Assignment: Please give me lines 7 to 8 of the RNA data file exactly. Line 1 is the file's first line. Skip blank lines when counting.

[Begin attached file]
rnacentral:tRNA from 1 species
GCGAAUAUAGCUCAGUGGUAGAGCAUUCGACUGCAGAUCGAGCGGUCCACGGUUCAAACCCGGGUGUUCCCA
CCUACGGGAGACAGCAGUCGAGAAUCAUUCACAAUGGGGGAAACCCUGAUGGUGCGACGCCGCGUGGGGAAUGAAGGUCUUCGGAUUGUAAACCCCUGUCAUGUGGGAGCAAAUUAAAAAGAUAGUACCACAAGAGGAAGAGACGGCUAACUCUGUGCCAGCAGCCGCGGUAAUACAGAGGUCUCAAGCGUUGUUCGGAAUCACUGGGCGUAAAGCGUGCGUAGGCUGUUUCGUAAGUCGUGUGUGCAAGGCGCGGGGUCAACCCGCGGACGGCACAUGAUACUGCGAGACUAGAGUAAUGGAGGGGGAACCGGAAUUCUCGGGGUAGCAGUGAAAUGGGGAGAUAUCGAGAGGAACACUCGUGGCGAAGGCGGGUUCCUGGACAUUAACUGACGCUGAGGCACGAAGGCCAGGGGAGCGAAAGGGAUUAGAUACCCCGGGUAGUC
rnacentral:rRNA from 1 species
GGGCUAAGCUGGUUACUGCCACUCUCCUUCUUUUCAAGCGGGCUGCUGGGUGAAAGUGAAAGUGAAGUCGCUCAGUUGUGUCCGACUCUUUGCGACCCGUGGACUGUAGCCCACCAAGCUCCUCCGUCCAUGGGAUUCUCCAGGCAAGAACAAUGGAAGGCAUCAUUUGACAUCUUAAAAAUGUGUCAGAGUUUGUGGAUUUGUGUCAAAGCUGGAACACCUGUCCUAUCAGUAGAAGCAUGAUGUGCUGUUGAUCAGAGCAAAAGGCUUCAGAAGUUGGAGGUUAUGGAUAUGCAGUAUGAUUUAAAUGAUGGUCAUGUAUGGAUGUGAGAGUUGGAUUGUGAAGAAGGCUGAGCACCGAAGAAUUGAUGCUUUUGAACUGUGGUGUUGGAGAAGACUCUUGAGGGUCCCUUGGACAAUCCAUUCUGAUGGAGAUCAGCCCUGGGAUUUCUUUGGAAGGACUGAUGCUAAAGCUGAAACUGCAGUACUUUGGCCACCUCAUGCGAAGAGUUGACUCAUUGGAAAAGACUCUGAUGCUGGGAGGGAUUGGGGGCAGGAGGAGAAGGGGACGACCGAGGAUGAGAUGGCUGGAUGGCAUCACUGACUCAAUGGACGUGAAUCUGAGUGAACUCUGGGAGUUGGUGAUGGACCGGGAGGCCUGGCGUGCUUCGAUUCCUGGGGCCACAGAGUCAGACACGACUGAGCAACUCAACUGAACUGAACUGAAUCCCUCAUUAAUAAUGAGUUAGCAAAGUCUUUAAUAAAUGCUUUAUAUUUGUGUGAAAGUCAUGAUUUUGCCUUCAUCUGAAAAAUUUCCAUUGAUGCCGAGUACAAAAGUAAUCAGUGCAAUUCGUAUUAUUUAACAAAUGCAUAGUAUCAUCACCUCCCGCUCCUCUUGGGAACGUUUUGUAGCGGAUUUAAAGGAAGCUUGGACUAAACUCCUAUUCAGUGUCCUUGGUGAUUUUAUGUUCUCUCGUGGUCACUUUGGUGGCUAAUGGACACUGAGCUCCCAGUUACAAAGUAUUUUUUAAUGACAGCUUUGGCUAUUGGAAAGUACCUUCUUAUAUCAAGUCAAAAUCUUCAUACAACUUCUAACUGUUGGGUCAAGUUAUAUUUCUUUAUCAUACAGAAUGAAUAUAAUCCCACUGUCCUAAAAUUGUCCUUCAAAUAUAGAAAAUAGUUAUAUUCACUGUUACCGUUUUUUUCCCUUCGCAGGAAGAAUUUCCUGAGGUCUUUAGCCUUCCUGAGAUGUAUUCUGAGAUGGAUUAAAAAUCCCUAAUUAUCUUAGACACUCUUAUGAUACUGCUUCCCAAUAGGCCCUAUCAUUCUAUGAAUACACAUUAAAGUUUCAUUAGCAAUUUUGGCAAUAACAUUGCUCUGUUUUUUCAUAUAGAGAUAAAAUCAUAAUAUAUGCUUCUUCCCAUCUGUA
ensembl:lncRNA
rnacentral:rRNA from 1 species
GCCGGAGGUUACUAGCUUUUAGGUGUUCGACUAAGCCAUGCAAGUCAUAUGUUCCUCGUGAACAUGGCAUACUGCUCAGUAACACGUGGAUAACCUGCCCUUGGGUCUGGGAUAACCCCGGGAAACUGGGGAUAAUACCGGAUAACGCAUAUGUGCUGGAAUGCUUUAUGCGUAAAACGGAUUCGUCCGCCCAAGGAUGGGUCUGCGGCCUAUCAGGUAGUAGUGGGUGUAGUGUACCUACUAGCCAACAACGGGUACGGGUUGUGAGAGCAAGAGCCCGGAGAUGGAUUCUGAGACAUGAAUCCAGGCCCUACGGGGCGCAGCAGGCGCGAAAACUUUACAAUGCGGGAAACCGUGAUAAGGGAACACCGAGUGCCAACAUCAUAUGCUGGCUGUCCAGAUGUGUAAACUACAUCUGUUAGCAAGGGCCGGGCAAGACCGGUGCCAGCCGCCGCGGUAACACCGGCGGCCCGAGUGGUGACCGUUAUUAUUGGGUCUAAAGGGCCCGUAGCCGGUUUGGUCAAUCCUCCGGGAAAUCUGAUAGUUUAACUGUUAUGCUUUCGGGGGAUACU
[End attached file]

rnacentral:rRNA from 1 species
GCCGGAGGUUACUAGCUUUUAGGUGUUCGACUAAGCCAUGCAAGUCAUAUGUUCCUCGUGAACAUGGCAUACUGCUCAGUAACACGUGGAUAACCUGCCCUUGGGUCUGGGAUAACCCCGGGAAACUGGGGAUAAUACCGGAUAACGCAUAUGUGCUGGAAUGCUUUAUGCGUAAAACGGAUUCGUCCGCCCAAGGAUGGGUCUGCGGCCUAUCAGGUAGUAGUGGGUGUAGUGUACCUACUAGCCAACAACGGGUACGGGUUGUGAGAGCAAGAGCCCGGAGAUGGAUUCUGAGACAUGAAUCCAGGCCCUACGGGGCGCAGCAGGCGCGAAAACUUUACAAUGCGGGAAACCGUGAUAAGGGAACACCGAGUGCCAACAUCAUAUGCUGGCUGUCCAGAUGUGUAAACUACAUCUGUUAGCAAGGGCCGGGCAAGACCGGUGCCAGCCGCCGCGGUAACACCGGCGGCCCGAGUGGUGACCGUUAUUAUUGGGUCUAAAGGGCCCGUAGCCGGUUUGGUCAAUCCUCCGGGAAAUCUGAUAGUUUAACUGUUAUGCUUUCGGGGGAUACU